Hipsters help bowler hat make a comeback
LONDON // It was once the headgear of all sorts of men about town, from London bankers to Winston Churchill, and now, after years in the sartorial wilderness, the bowler hat is making a comeback of a sort.
Austin Reed, the British fashion retailer, will again stock the bowler, or derby, as it is known to Americans, 12 years after the style was dropped when sales dwindled to virtually nothing. The likes of film stars Jude Law and Rachel Bilson, the singer Britney Spears and Fergie of the Black Eyed Peas, all of whom have been out and about sporting bowlers recently, are credited with making the hat the latest "must have" fashion accessory for the young and trendy.
Austin Reed said it was bringing back the hat simply to meet popular demand. "British design is core to our heritage. Men and women are now looking to history for classic, quality design and tailoring," a spokesman for the retailer said. "The bowler hat is a key piece to communicate effortless British style."
Originally designed by Thomas and William Bowler in 1849 to protect gamekeepers from low-hanging branches, the hat became established as the essential headgear for financial types in the City of London, as well as for more desperate characters in US Westerns such as Billy the Kid and Butch Cassidy, at least according to Hollywood.
From the comedic duo Laurel and Hardy to the villain Oddjob in the James Bond films, and from Charlie Chaplin to the character John Steed in The Avengers television show, the bowler stayed in fashion until the 1970s when, thanks to some biting satire in British TV programmes, especially John Cleese in Monty Python's Flying Circus, the bowler came in for popular ridicule.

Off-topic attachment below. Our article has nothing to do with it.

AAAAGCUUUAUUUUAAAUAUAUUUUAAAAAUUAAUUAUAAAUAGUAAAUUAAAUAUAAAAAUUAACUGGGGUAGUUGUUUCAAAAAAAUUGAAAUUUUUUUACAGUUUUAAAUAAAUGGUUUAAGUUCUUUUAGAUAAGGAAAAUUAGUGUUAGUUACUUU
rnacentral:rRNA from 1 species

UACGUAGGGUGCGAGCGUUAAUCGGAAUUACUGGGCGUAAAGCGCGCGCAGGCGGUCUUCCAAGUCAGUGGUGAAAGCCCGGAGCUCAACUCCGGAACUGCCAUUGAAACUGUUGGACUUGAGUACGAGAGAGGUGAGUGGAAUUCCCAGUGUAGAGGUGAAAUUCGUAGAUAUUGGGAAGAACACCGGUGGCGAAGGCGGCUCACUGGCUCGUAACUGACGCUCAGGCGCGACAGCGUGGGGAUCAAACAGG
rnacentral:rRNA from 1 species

Virtually overnight, City bankers and civil servants abandoned their bowlers in drove. "It was never taken seriously after John Cleese's Ministry of Silly Walks [skit]" Patrick West, a writer on British cultural trends, observed in The Times last year.
The hat, though, did not entirely disappear. A few traditionalists clung on to them and army officers were still required to wear them while on business, but not in uniform, in London, though this proved a regulation more flouted than observed.
Doormen at posh hotels and messengers in the financial district have also retained them, whether they like it or not. Lock & Co, the London hatter that produced the very first models to the Bowler brothers' design, said it still sells between 4,000 and 5,000 a year "mostly to City workers, ex-military gentlemen and young Americans".
Christopher Monckton, a politician and journalist more properly known as the third Viscount Monckton of Brenchley, had never given up the bowler. He started wearing them as a young reporter in Yorkshire in the early 1970s, when they were still common among businessmen in the wool trade.
"It is intriguing, but not surprising, that what some had sneeringly, but wrongly, regarded as a symbol of upper-class twittery is back, and that I am once again at the cutting edge of fashion," he gloated in yesterday's Daily Mail.